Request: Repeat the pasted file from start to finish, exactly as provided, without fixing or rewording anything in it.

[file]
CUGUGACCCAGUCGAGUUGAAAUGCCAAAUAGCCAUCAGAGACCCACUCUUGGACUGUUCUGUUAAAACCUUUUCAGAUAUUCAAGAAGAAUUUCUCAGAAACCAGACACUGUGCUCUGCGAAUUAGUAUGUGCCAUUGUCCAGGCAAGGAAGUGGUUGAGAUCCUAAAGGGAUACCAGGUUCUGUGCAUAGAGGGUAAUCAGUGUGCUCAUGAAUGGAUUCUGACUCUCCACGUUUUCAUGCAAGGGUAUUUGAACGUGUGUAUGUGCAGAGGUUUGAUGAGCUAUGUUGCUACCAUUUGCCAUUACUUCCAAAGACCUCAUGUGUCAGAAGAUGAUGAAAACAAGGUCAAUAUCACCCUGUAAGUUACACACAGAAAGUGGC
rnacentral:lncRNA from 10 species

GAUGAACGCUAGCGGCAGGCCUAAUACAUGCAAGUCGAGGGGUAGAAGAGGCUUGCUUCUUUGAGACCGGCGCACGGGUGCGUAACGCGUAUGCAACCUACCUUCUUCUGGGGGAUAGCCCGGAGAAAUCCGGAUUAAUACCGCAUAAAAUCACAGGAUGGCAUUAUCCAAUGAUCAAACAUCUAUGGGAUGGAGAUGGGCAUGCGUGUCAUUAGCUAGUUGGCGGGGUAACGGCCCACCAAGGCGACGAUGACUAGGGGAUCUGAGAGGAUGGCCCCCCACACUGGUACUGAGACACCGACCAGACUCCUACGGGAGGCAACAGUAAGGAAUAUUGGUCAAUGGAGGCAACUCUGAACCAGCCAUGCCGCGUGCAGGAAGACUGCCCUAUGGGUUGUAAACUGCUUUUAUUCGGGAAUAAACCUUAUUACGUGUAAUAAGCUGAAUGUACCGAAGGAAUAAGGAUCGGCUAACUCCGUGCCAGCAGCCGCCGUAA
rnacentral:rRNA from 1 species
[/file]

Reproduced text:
CUGUGACCCAGUCGAGUUGAAAUGCCAAAUAGCCAUCAGAGACCCACUCUUGGACUGUUCUGUUAAAACCUUUUCAGAUAUUCAAGAAGAAUUUCUCAGAAACCAGACACUGUGCUCUGCGAAUUAGUAUGUGCCAUUGUCCAGGCAAGGAAGUGGUUGAGAUCCUAAAGGGAUACCAGGUUCUGUGCAUAGAGGGUAAUCAGUGUGCUCAUGAAUGGAUUCUGACUCUCCACGUUUUCAUGCAAGGGUAUUUGAACGUGUGUAUGUGCAGAGGUUUGAUGAGCUAUGUUGCUACCAUUUGCCAUUACUUCCAAAGACCUCAUGUGUCAGAAGAUGAUGAAAACAAGGUCAAUAUCACCCUGUAAGUUACACACAGAAAGUGGC
rnacentral:lncRNA from 10 species

GAUGAACGCUAGCGGCAGGCCUAAUACAUGCAAGUCGAGGGGUAGAAGAGGCUUGCUUCUUUGAGACCGGCGCACGGGUGCGUAACGCGUAUGCAACCUACCUUCUUCUGGGGGAUAGCCCGGAGAAAUCCGGAUUAAUACCGCAUAAAAUCACAGGAUGGCAUUAUCCAAUGAUCAAACAUCUAUGGGAUGGAGAUGGGCAUGCGUGUCAUUAGCUAGUUGGCGGGGUAACGGCCCACCAAGGCGACGAUGACUAGGGGAUCUGAGAGGAUGGCCCCCCACACUGGUACUGAGACACCGACCAGACUCCUACGGGAGGCAACAGUAAGGAAUAUUGGUCAAUGGAGGCAACUCUGAACCAGCCAUGCCGCGUGCAGGAAGACUGCCCUAUGGGUUGUAAACUGCUUUUAUUCGGGAAUAAACCUUAUUACGUGUAAUAAGCUGAAUGUACCGAAGGAAUAAGGAUCGGCUAACUCCGUGCCAGCAGCCGCCGUAA
rnacentral:rRNA from 1 species